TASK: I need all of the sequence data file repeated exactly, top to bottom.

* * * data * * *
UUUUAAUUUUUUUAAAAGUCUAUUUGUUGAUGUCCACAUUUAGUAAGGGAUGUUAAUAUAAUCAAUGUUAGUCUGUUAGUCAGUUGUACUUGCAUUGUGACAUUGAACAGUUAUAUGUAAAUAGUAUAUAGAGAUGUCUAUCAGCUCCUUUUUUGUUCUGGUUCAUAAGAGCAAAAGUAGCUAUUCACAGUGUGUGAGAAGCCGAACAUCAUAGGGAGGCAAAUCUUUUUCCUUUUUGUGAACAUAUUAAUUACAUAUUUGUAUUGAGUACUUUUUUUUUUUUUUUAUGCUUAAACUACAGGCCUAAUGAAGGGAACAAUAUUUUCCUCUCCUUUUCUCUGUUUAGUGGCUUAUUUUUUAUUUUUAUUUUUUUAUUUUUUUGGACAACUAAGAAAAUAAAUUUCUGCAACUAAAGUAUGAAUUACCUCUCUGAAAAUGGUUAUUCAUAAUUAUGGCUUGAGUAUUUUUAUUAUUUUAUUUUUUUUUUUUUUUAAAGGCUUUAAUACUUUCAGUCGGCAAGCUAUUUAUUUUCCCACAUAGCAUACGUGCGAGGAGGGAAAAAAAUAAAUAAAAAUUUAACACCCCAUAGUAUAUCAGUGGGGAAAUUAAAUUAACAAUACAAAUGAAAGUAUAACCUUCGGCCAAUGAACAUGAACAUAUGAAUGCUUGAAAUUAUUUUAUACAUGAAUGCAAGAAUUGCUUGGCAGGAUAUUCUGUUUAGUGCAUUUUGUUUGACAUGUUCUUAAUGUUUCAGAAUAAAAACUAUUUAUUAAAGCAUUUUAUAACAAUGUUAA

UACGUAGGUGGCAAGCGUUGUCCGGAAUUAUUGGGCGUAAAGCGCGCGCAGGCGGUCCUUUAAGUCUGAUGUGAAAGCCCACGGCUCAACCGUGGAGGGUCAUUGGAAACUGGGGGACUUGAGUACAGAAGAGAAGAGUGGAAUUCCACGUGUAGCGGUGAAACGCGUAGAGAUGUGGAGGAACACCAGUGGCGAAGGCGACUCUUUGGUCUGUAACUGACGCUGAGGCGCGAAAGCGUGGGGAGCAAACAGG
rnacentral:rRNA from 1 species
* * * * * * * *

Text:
UUUUAAUUUUUUUAAAAGUCUAUUUGUUGAUGUCCACAUUUAGUAAGGGAUGUUAAUAUAAUCAAUGUUAGUCUGUUAGUCAGUUGUACUUGCAUUGUGACAUUGAACAGUUAUAUGUAAAUAGUAUAUAGAGAUGUCUAUCAGCUCCUUUUUUGUUCUGGUUCAUAAGAGCAAAAGUAGCUAUUCACAGUGUGUGAGAAGCCGAACAUCAUAGGGAGGCAAAUCUUUUUCCUUUUUGUGAACAUAUUAAUUACAUAUUUGUAUUGAGUACUUUUUUUUUUUUUUUAUGCUUAAACUACAGGCCUAAUGAAGGGAACAAUAUUUUCCUCUCCUUUUCUCUGUUUAGUGGCUUAUUUUUUAUUUUUAUUUUUUUAUUUUUUUGGACAACUAAGAAAAUAAAUUUCUGCAACUAAAGUAUGAAUUACCUCUCUGAAAAUGGUUAUUCAUAAUUAUGGCUUGAGUAUUUUUAUUAUUUUAUUUUUUUUUUUUUUUAAAGGCUUUAAUACUUUCAGUCGGCAAGCUAUUUAUUUUCCCACAUAGCAUACGUGCGAGGAGGGAAAAAAAUAAAUAAAAAUUUAACACCCCAUAGUAUAUCAGUGGGGAAAUUAAAUUAACAAUACAAAUGAAAGUAUAACCUUCGGCCAAUGAACAUGAACAUAUGAAUGCUUGAAAUUAUUUUAUACAUGAAUGCAAGAAUUGCUUGGCAGGAUAUUCUGUUUAGUGCAUUUUGUUUGACAUGUUCUUAAUGUUUCAGAAUAAAAACUAUUUAUUAAAGCAUUUUAUAACAAUGUUAA

UACGUAGGUGGCAAGCGUUGUCCGGAAUUAUUGGGCGUAAAGCGCGCGCAGGCGGUCCUUUAAGUCUGAUGUGAAAGCCCACGGCUCAACCGUGGAGGGUCAUUGGAAACUGGGGGACUUGAGUACAGAAGAGAAGAGUGGAAUUCCACGUGUAGCGGUGAAACGCGUAGAGAUGUGGAGGAACACCAGUGGCGAAGGCGACUCUUUGGUCUGUAACUGACGCUGAGGCGCGAAAGCGUGGGGAGCAAACAGG
rnacentral:rRNA from 1 species